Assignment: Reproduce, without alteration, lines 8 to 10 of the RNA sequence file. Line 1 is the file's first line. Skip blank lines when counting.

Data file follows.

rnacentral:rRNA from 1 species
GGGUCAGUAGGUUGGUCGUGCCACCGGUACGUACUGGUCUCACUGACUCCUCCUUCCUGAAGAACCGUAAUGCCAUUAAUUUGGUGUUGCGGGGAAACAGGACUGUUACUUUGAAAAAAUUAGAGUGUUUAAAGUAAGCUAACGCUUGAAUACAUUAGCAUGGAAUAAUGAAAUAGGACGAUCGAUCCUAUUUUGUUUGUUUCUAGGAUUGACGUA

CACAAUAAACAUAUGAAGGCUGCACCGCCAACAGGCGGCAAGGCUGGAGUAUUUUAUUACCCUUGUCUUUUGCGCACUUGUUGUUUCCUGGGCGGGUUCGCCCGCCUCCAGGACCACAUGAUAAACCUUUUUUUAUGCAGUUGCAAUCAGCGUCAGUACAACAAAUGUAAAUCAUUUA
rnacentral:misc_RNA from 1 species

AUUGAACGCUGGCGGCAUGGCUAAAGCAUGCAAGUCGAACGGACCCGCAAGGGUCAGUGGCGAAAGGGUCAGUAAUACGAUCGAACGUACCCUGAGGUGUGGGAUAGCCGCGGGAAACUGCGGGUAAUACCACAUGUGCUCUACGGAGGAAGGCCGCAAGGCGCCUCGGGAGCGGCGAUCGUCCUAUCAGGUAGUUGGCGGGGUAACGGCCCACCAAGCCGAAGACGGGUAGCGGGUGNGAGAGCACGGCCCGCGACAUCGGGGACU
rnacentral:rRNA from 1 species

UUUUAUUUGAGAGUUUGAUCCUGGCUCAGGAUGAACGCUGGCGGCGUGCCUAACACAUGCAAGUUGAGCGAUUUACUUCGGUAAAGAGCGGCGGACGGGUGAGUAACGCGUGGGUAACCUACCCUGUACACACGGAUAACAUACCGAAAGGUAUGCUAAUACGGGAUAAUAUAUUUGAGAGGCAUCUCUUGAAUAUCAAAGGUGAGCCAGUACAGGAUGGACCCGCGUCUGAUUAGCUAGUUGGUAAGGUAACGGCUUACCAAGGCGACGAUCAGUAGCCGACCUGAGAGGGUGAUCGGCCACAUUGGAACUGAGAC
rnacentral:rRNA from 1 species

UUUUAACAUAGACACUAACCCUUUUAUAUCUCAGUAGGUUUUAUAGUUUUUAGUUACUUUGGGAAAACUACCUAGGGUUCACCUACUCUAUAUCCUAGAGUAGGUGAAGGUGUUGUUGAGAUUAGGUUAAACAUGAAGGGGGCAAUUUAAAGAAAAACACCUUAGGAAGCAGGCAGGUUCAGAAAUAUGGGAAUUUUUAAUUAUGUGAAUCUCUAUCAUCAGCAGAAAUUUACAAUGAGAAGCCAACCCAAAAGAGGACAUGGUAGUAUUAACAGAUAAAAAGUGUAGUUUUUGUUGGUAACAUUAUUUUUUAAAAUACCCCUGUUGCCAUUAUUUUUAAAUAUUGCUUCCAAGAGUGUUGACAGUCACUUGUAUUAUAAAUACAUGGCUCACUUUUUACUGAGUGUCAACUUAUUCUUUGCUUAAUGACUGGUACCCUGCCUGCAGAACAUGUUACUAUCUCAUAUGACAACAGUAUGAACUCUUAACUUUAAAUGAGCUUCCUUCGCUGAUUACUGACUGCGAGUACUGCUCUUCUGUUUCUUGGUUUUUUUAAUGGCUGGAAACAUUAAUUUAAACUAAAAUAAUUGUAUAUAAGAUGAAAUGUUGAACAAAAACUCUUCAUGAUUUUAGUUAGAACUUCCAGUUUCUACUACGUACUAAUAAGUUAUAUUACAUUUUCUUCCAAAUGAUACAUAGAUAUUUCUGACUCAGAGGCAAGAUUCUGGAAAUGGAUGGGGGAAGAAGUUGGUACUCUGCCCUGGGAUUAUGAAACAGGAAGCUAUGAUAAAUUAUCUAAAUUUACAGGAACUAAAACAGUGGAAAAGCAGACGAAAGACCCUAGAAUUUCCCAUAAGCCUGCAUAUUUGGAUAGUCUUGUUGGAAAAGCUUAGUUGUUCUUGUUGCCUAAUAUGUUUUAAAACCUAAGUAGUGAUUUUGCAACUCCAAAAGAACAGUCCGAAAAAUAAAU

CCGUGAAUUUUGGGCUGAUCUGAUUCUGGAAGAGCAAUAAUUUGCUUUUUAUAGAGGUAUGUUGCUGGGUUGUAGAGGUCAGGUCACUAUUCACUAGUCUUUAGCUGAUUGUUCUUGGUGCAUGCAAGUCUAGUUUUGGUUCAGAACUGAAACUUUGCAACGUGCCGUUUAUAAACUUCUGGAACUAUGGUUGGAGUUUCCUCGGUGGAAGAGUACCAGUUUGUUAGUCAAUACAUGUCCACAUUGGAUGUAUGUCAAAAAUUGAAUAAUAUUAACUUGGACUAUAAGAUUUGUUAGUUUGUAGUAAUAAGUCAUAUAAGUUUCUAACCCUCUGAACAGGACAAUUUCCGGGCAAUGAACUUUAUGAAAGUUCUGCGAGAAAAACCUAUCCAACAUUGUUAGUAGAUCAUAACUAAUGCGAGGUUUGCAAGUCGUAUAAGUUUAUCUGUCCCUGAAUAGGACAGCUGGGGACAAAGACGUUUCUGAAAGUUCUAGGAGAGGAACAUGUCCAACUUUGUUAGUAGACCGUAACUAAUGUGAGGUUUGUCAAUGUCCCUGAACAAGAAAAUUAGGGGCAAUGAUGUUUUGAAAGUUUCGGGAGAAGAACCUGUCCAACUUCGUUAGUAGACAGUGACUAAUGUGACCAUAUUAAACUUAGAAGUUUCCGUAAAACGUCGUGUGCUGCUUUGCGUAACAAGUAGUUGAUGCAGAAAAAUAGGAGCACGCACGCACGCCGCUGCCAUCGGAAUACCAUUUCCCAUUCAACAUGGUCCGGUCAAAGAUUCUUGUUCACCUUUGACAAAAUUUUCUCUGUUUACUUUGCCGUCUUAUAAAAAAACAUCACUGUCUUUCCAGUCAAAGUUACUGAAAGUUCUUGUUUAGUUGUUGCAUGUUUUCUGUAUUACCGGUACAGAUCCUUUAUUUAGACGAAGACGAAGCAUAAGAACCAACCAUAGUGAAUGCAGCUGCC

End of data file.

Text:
rnacentral:rRNA from 1 species

UUUUAACAUAGACACUAACCCUUUUAUAUCUCAGUAGGUUUUAUAGUUUUUAGUUACUUUGGGAAAACUACCUAGGGUUCACCUACUCUAUAUCCUAGAGUAGGUGAAGGUGUUGUUGAGAUUAGGUUAAACAUGAAGGGGGCAAUUUAAAGAAAAACACCUUAGGAAGCAGGCAGGUUCAGAAAUAUGGGAAUUUUUAAUUAUGUGAAUCUCUAUCAUCAGCAGAAAUUUACAAUGAGAAGCCAACCCAAAAGAGGACAUGGUAGUAUUAACAGAUAAAAAGUGUAGUUUUUGUUGGUAACAUUAUUUUUUAAAAUACCCCUGUUGCCAUUAUUUUUAAAUAUUGCUUCCAAGAGUGUUGACAGUCACUUGUAUUAUAAAUACAUGGCUCACUUUUUACUGAGUGUCAACUUAUUCUUUGCUUAAUGACUGGUACCCUGCCUGCAGAACAUGUUACUAUCUCAUAUGACAACAGUAUGAACUCUUAACUUUAAAUGAGCUUCCUUCGCUGAUUACUGACUGCGAGUACUGCUCUUCUGUUUCUUGGUUUUUUUAAUGGCUGGAAACAUUAAUUUAAACUAAAAUAAUUGUAUAUAAGAUGAAAUGUUGAACAAAAACUCUUCAUGAUUUUAGUUAGAACUUCCAGUUUCUACUACGUACUAAUAAGUUAUAUUACAUUUUCUUCCAAAUGAUACAUAGAUAUUUCUGACUCAGAGGCAAGAUUCUGGAAAUGGAUGGGGGAAGAAGUUGGUACUCUGCCCUGGGAUUAUGAAACAGGAAGCUAUGAUAAAUUAUCUAAAUUUACAGGAACUAAAACAGUGGAAAAGCAGACGAAAGACCCUAGAAUUUCCCAUAAGCCUGCAUAUUUGGAUAGUCUUGUUGGAAAAGCUUAGUUGUUCUUGUUGCCUAAUAUGUUUUAAAACCUAAGUAGUGAUUUUGCAACUCCAAAAGAACAGUCCGAAAAAUAAAU

CCGUGAAUUUUGGGCUGAUCUGAUUCUGGAAGAGCAAUAAUUUGCUUUUUAUAGAGGUAUGUUGCUGGGUUGUAGAGGUCAGGUCACUAUUCACUAGUCUUUAGCUGAUUGUUCUUGGUGCAUGCAAGUCUAGUUUUGGUUCAGAACUGAAACUUUGCAACGUGCCGUUUAUAAACUUCUGGAACUAUGGUUGGAGUUUCCUCGGUGGAAGAGUACCAGUUUGUUAGUCAAUACAUGUCCACAUUGGAUGUAUGUCAAAAAUUGAAUAAUAUUAACUUGGACUAUAAGAUUUGUUAGUUUGUAGUAAUAAGUCAUAUAAGUUUCUAACCCUCUGAACAGGACAAUUUCCGGGCAAUGAACUUUAUGAAAGUUCUGCGAGAAAAACCUAUCCAACAUUGUUAGUAGAUCAUAACUAAUGCGAGGUUUGCAAGUCGUAUAAGUUUAUCUGUCCCUGAAUAGGACAGCUGGGGACAAAGACGUUUCUGAAAGUUCUAGGAGAGGAACAUGUCCAACUUUGUUAGUAGACCGUAACUAAUGUGAGGUUUGUCAAUGUCCCUGAACAAGAAAAUUAGGGGCAAUGAUGUUUUGAAAGUUUCGGGAGAAGAACCUGUCCAACUUCGUUAGUAGACAGUGACUAAUGUGACCAUAUUAAACUUAGAAGUUUCCGUAAAACGUCGUGUGCUGCUUUGCGUAACAAGUAGUUGAUGCAGAAAAAUAGGAGCACGCACGCACGCCGCUGCCAUCGGAAUACCAUUUCCCAUUCAACAUGGUCCGGUCAAAGAUUCUUGUUCACCUUUGACAAAAUUUUCUCUGUUUACUUUGCCGUCUUAUAAAAAAACAUCACUGUCUUUCCAGUCAAAGUUACUGAAAGUUCUUGUUUAGUUGUUGCAUGUUUUCUGUAUUACCGGUACAGAUCCUUUAUUUAGACGAAGACGAAGCAUAAGAACCAACCAUAGUGAAUGCAGCUGCC